Then, you will be able to determine how many full-time employees you have based on the hours each employee works. As an example, you have four employees who work 30 hours a week, 52 weeks a year. The number of full-time equivalent employees is calculated as follows:

4 employees x 30 hours per week x 52 weeks per year = 6,240 hours

6,240 / 2080 = 3 full-time equivalent employees

When it comes to this tax credit, your four part-time employees are equal to three full-time employees.

Note: Owners and their families are not eligible

Full-time equivalent employees are counted except for this notable exception. This does not include the owners and their families, with:

  • One who owns a sole proprietorship.

  • In a partnership, one of the partners.

  • A shareholder with more than 2% of an S-corporation.

  • An owner with a stake of more than 5% in the company.

The spouse, children, grandchildren, siblings and step-siblings, parents, step-parents, nieces and nephews, aunts, uncles, son or daughters-in-law, and mothers and fathers-in-law of the owner do not qualify as full-time equivalents. In addition, any spouses of these family members would also not be included in the calculation of full-time equivalent employees. People who might be related to an owner are not allowed to be included.

The tax credit cannot be used to offset premiums paid for the health insurance of the owner or family member. However, the premiums paid can still be deducted from your taxes.

What is the amount of the small-business health care tax credit?

Calculating the small-business tax credit for health care is complicated. What is its value? Some small firms may be able to save a great deal of money by using this credit.

The credit is most valuable to small businesses that have fewer than ten full-time equivalent employees earning less than $27,000 annually. Small businesses with fewer than 10 full-time equivalent employees will be eligible for a maximum tax credit of 50% on premiums paid. A percentage of that will be phased out depending on the number of full-time employees and the average salary.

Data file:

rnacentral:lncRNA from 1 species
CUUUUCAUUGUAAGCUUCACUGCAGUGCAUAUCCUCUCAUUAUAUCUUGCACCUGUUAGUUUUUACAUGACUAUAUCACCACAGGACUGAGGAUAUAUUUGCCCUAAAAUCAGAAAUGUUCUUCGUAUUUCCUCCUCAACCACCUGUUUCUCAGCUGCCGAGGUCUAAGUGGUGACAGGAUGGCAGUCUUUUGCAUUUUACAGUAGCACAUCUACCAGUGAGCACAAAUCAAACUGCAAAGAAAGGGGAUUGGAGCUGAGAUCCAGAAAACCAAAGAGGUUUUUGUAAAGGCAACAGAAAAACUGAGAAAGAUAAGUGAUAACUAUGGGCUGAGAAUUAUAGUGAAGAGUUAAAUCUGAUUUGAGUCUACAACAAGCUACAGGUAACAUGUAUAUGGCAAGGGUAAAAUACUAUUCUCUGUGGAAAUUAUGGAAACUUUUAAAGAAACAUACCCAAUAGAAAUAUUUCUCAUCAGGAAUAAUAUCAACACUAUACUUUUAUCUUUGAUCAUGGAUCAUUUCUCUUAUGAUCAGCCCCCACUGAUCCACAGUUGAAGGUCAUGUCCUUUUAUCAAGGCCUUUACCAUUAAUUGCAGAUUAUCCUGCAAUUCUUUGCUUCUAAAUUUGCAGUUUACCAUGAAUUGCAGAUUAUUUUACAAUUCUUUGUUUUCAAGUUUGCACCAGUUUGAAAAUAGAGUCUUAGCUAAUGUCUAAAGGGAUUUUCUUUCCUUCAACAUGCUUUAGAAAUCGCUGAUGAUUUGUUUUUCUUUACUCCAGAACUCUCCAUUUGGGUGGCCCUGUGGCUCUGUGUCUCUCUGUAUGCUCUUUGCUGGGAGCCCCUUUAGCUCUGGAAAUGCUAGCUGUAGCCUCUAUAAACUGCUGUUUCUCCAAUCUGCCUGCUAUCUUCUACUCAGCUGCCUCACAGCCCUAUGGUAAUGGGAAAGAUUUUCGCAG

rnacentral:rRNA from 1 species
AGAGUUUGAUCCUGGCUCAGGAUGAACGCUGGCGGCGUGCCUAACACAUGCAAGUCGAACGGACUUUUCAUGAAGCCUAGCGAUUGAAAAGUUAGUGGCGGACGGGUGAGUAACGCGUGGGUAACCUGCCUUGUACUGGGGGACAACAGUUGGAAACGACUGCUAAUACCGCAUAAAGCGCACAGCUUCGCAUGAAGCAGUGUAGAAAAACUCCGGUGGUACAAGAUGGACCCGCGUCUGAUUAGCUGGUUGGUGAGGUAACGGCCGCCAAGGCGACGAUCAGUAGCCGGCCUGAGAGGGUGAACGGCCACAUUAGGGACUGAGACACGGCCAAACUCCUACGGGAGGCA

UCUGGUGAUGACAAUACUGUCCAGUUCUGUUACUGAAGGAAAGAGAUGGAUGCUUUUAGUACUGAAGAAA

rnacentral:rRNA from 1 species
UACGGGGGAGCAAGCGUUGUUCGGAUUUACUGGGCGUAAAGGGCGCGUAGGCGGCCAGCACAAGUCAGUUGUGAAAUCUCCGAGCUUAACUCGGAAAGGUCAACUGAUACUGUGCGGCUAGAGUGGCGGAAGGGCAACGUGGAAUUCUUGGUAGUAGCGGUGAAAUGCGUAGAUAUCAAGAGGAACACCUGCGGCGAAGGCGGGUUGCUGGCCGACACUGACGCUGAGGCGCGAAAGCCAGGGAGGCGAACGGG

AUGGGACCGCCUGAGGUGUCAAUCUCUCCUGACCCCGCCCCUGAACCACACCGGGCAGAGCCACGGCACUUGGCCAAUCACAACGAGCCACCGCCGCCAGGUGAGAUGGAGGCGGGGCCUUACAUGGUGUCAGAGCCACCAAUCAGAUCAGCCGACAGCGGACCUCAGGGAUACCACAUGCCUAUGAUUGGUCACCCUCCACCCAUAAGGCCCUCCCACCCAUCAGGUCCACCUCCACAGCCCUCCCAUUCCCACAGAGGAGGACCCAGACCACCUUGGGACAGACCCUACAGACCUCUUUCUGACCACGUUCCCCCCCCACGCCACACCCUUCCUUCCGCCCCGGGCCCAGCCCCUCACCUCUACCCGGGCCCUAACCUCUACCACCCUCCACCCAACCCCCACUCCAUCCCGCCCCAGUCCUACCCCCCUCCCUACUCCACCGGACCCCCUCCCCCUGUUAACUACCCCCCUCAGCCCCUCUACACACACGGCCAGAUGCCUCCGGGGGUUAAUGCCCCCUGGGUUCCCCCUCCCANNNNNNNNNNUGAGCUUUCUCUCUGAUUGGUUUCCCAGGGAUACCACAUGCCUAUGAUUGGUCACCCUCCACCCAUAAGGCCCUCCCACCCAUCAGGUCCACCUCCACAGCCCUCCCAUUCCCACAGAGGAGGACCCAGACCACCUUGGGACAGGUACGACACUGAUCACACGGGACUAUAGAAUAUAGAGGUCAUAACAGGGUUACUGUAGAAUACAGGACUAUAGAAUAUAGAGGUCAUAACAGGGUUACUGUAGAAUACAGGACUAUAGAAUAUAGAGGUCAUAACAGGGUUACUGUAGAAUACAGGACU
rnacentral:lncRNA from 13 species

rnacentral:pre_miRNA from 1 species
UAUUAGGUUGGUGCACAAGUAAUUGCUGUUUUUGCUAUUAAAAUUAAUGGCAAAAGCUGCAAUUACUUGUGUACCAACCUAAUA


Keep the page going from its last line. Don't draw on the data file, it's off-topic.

A tax-exempt employer can claim up to 35% of their premiums as a credit.

Credit limitations

You can receive the maximum credit if you have fewer than 10 full-time equivalents paid no more than $27,000 per year. A credit will be phased out once 25 employees are on the payroll or the salary average is over $55,000. The credit won't be available after that point.

The Department of Health and Human Services publishes the average price of small-group coverage in your employer's market, as well as your tax credit. The deduction will be capped by the average premium, even if you pay more in premiums.

An employee-only health care plan, for instance, might have a premium of $6,000 per year, and you would contribute 50%, or $3,000. In your market, the average premium is $5,000. There will be an upper limit of $2500 on your credit, or 50% of the average premium in your small group market.

Claim timing

You can still benefit from this tax credit if you do not owe any taxes. You can claim this tax credit regardless of how much tax you owe. You can carry forward or backward the credit if you do not have any taxable income for the year.

Credits and deductions

Health insurance premiums can be written off both as a deduction and as a credit if you wish to take a health care tax deduction. Credits will reduce the deduction, though.

What are the steps for claiming the small-business health care tax credit?

Use Form 8941 to claim the small-business health care tax credit. When you attach the form to your business tax return, any taxes that are owed will be reduced. Please note that you can only claim the credit twice in consecutive tax years.

Have any questions about obtaining a tax credit? Please contact us at or (212) 365-4553.